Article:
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Telehealth: Lowering Costs, Improving Patient Outcomes

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By Senator John Thune

Washington has long been embroiled in a debate over how to best to preserve and strengthen the Medicare program. Frequently we hear politicians discussing the need to cut costs while still ensuring that beneficiaries have access to the quality health care they need. Yet far too often we are left with more questions than answers about how to find these cost savings.

That is why I have introduced legislation to explore solutions to lower the cost of one of the drivers of Medicare spending, reducing hospital readmissions. Recently, I was joined by Senator Amy Klobuchar of Minnesota in re-introducing my Fostering Independence Through Technology (FITT) Act. Our bill would create a pilot program to provide budget neutral incentives for home health agencies across the country to use remote patient monitoring (RPM) and communications technologies to give seniors and other Medicare beneficiaries greater access to the care they need while lowering Medicare costs and enabling them to stay in their homes.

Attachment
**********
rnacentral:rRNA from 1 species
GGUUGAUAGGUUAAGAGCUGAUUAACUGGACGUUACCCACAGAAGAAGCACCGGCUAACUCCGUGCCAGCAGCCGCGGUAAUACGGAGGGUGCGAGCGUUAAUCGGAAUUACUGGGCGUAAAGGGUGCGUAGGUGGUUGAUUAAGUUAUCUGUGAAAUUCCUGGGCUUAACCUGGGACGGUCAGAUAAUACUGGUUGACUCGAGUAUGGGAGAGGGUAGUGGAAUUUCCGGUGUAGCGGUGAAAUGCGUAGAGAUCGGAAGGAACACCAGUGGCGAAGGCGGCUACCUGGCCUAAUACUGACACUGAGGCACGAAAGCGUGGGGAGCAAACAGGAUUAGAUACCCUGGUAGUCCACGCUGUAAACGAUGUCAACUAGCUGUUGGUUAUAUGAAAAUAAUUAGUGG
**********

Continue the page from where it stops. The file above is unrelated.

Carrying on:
The FITT Act would support the use of remote monitoring systems that utilize non-invasive sensors that are installed in a consenting patient's home where they detect movement, monitor sleep quality, and collect other information about day-to-day activities. The information is transmitted to a registered nurse, who compares the data with a client's usual patterns of daily living to detect changes that point to the need for medical attention.

Under the FITT Act, home health agencies participating in the pilot program would receive annual incentive payments based on a percentage of the Medicare savings achieved as a result of telehealth services. The incentive payments in the aggregate, however, may not exceed the amount that Medicare would have spent if the pilot projects had not been implemented. This would ensure that my legislation would not add to our nation's ever-increasing national debt.

Telehealth technology, including RPM, has the potential to reduce the number of hospital visits, number of visits from home health aides, and allow individuals to stay in their homes longer while still receiving quality care. As we continue exploring various ways to save and protect Medicare from bankruptcy, reducing hospital readmissions is an important component of that debate, and I believe that innovative technologies such as telehealth represent untapped potential in our search to find creative ways to lower Medicare costs.


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